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As a kid growing up in Minnesota, Marcia McNutt didn’t imagine her love of math and science would lead her to become a Navy Seals-trained explosives expert, an earthquake predictor and one of the world’s leading geophysicists.
Encouraged by a family in which women’s education was a tradition and a norm, McNutt excelled in school and graduated as valedictorian of her class at the all-female Northrop Collegiate School in 1970. She studied physics at Colorado College in Colorado Springs, Colorado, and then, in 1978, earned a Ph.D. in Earth sciences and geophysics from the Scripps Institution of Oceanography at La Jolla, California.
McNutt is best known for her research on exceptions to plate tectonics, the currently accepted model of how Earth’s surface works. Her studies of volcanic eruptions and earthquakes occurring far from tectonic plate boundaries, where such activity is predicted to take place, deepened geologists’ understanding of Earth’s crust and won her honors and awards from the American Philosophical Society, the American Academy of Arts and Sciences and the American Geophysical Union, of which she was president from 2000 to 2002.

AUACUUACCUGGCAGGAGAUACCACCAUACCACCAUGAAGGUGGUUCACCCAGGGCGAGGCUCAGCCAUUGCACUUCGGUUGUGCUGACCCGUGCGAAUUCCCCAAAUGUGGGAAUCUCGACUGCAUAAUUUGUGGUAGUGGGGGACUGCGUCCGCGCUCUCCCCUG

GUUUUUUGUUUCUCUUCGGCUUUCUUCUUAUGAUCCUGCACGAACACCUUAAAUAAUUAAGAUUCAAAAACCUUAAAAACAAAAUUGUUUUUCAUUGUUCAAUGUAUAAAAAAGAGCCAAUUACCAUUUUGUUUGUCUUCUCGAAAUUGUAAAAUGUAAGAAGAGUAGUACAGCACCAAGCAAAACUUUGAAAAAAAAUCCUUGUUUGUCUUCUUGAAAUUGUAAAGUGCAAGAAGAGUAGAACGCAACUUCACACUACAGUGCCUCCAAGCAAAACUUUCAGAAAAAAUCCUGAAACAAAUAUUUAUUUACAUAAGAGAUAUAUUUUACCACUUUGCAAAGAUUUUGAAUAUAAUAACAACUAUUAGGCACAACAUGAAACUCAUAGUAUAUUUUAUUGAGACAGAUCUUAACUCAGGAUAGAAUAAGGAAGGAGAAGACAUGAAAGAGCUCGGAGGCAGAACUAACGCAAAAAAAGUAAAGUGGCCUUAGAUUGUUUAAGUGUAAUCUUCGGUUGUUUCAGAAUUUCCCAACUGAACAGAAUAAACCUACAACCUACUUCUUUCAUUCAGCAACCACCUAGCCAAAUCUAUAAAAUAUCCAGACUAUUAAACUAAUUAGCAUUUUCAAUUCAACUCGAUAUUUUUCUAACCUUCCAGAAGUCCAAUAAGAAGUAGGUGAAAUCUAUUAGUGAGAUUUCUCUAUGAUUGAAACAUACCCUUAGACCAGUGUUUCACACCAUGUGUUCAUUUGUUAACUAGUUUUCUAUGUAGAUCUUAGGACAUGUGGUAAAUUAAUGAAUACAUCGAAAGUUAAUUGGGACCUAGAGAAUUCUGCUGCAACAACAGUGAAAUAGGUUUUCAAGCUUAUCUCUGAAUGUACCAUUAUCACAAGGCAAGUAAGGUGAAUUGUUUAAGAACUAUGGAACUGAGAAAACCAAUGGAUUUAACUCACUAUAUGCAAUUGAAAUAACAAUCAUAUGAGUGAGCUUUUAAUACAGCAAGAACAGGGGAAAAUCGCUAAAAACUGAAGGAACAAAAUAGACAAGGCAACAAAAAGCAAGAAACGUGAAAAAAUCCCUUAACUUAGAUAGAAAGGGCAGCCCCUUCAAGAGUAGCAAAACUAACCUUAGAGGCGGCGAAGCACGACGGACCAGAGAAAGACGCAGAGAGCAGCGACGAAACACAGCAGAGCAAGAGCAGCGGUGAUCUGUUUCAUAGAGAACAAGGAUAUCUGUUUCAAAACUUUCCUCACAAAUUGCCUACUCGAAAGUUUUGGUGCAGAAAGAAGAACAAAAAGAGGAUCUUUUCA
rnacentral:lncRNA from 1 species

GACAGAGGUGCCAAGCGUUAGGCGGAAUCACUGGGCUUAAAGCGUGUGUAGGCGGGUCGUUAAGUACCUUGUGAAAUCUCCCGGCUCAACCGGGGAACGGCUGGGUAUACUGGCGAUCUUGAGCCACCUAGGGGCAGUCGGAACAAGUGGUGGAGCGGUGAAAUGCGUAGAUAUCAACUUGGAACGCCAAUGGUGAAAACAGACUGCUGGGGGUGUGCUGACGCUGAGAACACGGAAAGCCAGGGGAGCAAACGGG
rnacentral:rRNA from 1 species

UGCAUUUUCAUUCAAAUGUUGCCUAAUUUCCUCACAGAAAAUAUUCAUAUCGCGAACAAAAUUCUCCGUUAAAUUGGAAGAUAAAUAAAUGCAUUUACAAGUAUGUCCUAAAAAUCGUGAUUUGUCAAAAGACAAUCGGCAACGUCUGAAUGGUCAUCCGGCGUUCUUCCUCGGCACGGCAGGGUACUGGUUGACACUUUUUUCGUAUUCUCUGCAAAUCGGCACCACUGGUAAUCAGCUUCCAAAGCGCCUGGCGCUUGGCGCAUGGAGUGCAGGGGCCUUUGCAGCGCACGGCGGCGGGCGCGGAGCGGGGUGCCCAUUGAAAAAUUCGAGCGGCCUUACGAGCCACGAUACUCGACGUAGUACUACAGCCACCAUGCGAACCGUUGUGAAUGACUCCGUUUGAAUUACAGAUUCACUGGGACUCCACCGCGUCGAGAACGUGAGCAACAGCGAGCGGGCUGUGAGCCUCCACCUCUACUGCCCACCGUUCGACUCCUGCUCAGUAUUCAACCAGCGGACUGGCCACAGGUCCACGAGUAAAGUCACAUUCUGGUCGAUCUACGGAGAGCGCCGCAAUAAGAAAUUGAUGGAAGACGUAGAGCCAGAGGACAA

McNutt was elected to the National Academy of Sciences in 2005. She is currently the Director of the United States Geological Survey, the first woman appointed to that position.
Although her family has no history of scientific bents, McNutt traces her achievements to their support and love of learning. Both her father, a small business owner, and her mother, a college-educated homemaker, encouraged McNutt and her sisters in their academic pursuits. Her family’s support and her single-sex education of which she considers herself a “strong believer” keep McNutt unencumbered by the stereotypical view that science belongs to men, she notes. She decides in high school she will study physics in college, and chooses Colorado College over Stanford “to the horror of everyone else,” she says.